Nair with just 313.32 hours of sick leave on the books, knew or should have known that she had not met the minimum amount of sick leave to be cashed out but she asked for it anyway and her subordinates Romero and Bhata made it happen. Sarita Nair  is now the cabinet  Secretary of  the Department of Workforce Solutions and State employment has essentially identical policy when it comes to sick leave not being compensated when any state employ terminates employment. 

Chief Administrative Officer Nair was no doubt fully aware that sick leave is lost and not paid when an employee quits and that unused sick leave is not paid out.  Accrued annual leave is totally different and becomes a vested property right upon being earned and must be paid out upon termination.  The underlying philosophy is that sick leave is to be used or its lost and is not to be accumulated as a benefit to be cashed out upon termination. Nair likely lost all sick leave when she left the State Auditors Office and she likely did not want that to happen again when she left the city.

The blunt truth as reported by CITY DESK ABQ is there is no such thing as “Paid Leave – Other (PLO)” in the city’s personnel rules and regulations and it was essentially made up  by Mayor Keller’s Human Resources Director Anthony Romero and Chief Financial Officer Sanjay Bhakta. In Nair’s case, there was no conversion of  accumulated sick leave in excess of 500 hours on the basis of three (3) hours of sick leave to one (1) hour of cash payment. Instead, there was a “one for one” hour conversion greatly inflating the cash payout. It is more likely than not that Mayor Tim Keller was aware of what was being done and  he gave his approval given it was his departing loyalist CAO Sarita Nair that was being paid.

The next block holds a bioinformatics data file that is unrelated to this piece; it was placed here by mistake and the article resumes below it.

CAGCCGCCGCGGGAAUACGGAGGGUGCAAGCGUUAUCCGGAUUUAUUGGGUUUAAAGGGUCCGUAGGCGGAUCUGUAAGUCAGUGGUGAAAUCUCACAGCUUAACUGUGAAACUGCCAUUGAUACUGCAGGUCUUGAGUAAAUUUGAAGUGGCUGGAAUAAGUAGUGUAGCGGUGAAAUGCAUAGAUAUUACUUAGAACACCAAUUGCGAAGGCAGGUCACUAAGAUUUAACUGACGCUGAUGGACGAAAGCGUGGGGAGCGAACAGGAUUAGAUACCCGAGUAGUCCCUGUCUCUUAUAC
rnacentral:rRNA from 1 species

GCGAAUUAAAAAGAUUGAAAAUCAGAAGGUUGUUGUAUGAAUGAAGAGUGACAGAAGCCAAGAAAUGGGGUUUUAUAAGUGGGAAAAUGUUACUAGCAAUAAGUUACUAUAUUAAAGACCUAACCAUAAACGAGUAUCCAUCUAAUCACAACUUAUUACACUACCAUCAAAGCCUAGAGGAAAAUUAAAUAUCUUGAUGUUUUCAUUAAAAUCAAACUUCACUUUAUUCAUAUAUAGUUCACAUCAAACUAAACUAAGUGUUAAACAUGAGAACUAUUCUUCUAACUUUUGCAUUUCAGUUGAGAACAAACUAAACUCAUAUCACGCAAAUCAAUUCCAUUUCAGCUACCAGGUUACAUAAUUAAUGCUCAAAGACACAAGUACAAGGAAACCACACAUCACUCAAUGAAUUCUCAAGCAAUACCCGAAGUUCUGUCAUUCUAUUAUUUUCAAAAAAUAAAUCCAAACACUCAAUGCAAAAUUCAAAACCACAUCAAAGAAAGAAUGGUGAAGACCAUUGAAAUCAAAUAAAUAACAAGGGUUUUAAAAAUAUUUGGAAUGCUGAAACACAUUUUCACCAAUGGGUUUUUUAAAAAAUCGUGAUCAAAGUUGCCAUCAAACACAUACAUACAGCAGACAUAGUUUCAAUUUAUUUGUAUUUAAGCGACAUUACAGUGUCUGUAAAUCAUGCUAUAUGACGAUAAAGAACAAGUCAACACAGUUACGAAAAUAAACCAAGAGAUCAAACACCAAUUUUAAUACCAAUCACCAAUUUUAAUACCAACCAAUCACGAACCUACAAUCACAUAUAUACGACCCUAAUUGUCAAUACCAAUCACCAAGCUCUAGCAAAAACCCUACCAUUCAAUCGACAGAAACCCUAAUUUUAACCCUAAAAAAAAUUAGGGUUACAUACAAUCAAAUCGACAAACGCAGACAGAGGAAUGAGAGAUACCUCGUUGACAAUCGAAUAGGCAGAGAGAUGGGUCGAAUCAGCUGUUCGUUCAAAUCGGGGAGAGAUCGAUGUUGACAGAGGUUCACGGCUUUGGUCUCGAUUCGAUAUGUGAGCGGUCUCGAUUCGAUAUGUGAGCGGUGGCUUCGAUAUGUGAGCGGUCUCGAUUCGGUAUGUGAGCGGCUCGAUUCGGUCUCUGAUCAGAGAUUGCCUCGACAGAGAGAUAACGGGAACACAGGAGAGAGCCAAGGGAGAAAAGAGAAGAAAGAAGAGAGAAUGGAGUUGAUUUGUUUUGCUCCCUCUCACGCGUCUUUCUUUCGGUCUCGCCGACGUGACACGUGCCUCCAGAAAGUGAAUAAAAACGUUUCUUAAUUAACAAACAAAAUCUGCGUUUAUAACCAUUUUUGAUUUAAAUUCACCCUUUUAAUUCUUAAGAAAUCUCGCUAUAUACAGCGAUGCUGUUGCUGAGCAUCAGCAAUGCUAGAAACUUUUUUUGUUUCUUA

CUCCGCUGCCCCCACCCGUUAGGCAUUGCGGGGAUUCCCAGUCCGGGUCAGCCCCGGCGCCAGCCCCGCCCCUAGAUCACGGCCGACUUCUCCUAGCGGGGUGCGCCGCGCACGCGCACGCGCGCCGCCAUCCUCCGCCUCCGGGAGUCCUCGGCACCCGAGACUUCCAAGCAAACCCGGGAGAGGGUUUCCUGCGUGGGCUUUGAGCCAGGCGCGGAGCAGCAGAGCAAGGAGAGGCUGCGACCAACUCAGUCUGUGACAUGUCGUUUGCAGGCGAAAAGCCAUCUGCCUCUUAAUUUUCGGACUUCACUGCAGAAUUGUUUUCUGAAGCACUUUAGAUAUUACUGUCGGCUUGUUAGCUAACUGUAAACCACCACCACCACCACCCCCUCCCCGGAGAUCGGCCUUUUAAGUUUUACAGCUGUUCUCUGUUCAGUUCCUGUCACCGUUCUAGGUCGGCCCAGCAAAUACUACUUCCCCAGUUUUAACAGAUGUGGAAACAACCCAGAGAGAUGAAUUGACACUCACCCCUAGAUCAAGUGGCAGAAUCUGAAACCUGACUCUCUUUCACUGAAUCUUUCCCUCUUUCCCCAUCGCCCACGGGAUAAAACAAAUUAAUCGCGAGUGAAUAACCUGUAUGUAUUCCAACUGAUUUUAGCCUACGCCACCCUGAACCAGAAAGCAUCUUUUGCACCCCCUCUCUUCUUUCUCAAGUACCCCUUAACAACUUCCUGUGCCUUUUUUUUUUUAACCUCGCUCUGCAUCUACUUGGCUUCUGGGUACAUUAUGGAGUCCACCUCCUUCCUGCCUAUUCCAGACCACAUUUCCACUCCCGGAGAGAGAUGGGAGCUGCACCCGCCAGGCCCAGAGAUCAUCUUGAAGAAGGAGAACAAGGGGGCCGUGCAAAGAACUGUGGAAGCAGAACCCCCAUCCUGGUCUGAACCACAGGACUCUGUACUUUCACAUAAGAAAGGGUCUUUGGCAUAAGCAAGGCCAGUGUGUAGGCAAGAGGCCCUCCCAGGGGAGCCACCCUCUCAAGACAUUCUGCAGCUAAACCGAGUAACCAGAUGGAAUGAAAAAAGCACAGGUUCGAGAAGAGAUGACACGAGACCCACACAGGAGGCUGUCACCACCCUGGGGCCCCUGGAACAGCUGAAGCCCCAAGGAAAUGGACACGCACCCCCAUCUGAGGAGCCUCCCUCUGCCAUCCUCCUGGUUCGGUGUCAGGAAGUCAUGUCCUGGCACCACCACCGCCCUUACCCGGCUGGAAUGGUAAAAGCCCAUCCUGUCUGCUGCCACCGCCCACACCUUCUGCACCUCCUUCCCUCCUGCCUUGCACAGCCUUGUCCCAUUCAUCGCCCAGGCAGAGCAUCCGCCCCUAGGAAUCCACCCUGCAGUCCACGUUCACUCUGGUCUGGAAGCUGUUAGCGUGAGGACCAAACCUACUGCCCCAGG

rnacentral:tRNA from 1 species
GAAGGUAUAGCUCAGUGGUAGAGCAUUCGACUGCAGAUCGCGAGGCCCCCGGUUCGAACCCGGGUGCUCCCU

The City’s Inspector General needs to be very aggressive with its investigation and identify all those that have been improperly cashed out for sick leave on a “one for one” hourly basis for annual leave and determine to what extent the payouts were approved by Mayor Tim Keller.  The city needs to make demand for reimbursement and the City Attorney should  initiate collection actions against those who have been improperly paid sick leave and seek reimbursement from them.



Links for more information on City Desk ABQ are here:

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Pete Dinelli was born and raised in Albuquerque, New Mexico. He is of Italian and Hispanic descent. He is a 1970 graduate of Del Norte High School, a 1974 graduate of Eastern New Mexico University with a Bachelor's Degree in Business Administration and a 1977 graduate of St. Mary's School of Law, San Antonio, Texas. Pete has a 40 year history of community involvement and service as an elected and appointed official and as a practicing attorney in Albuquerque. Pete and his wife Betty Case Dinelli have been married since 1984 and they have two adult sons, Mark, who is an attorney and George, who is an Emergency Medical Technician (EMT). Pete has been a licensed New Mexico attorney since 1978. Pete has over 27 years of municipal and state government service. Pete’s service to Albuquerque has been extensive. He has been an elected Albuquerque City Councilor, serving as Vice President. He has served as a Worker’s Compensation Judge with Statewide jurisdiction. Pete has been a prosecutor for 15 years and has served as a Bernalillo County Chief Deputy District Attorney, as an Assistant Attorney General and Assistant District Attorney and as a Deputy City Attorney. For eight years, Pete was employed with the City of Albuquerque both as a Deputy City Attorney and Chief Public Safety Officer overseeing the city departments of police, fire, 911 emergency call center and the emergency operations center. While with the City of Albuquerque Legal Department, Pete served as Director of the Safe City Strike Force and Interim Director of the 911 Emergency Operations Center. Pete’s community involvement includes being a past President of the Albuquerque Kiwanis Club, past President of the Our Lady of Fatima School Board, and Board of Directors of the Albuquerque Museum Foundation.